What I did was I paid for the business class flights, but I also made a decision: As the universe as my witness right now, I promise I’m going to pay attention to my money, I’m going to have a CEO date with myself every single week, and I’m going to manage my money more effectively. I will NOT pay a late fee again.
Every time I review and do my CEO date, if I’ve made it a week without paying a late fee, I put that money into investments.
That’s what I started to do.
It’s really interesting that I made that commitment before I flew to that speaking event because one of the other speakers at that speaking event was a money manager.
She was a financial advisor, a money coach, she’d worked on money mindset, and she was a Profit First professional. So I hired her.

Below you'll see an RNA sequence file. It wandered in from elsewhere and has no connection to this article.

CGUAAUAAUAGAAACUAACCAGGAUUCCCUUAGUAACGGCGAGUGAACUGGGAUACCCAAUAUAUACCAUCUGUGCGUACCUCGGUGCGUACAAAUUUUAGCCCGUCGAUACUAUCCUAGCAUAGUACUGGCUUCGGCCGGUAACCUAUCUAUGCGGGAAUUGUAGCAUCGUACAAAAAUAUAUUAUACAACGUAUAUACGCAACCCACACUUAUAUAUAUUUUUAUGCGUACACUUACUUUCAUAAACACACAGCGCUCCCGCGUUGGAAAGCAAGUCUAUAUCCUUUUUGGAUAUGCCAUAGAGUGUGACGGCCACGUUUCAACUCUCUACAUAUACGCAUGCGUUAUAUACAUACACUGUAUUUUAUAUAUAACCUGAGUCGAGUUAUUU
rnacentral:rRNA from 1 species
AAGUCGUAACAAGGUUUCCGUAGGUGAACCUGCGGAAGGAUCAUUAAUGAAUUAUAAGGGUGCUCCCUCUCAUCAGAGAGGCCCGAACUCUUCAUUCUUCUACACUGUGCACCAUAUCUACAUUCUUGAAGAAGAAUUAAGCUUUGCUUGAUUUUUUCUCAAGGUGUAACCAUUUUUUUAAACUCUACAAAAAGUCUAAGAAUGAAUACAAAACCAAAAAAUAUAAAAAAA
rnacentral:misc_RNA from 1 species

It’s as though I manifested having that person right in front of me at exactly the right time.
As they say, when the student is ready, the teacher appears. I was soooooo ready.
I remember I was sitting at the conference in the crowd after I had finished speaking, and I was listening to her and shaking my head. Not because I didn’t agree with her, I was shaking my head because I was so shocked that this person was speaking about this in front of me.
I had no idea what she was going to speak on when I had talked to her earlier, so I was sitting in the crowd and just shaking my head wondering how I didn’t know this. How had I not taken care of this so far? I couldn’t believe this person.
She stopped halfway through the presentation and asked me why I was shaking my head. I just couldn’t believe I’d never heard of her before! I could not believe how lucky I was to be listening to her.
It was such a powerful pivot in my life.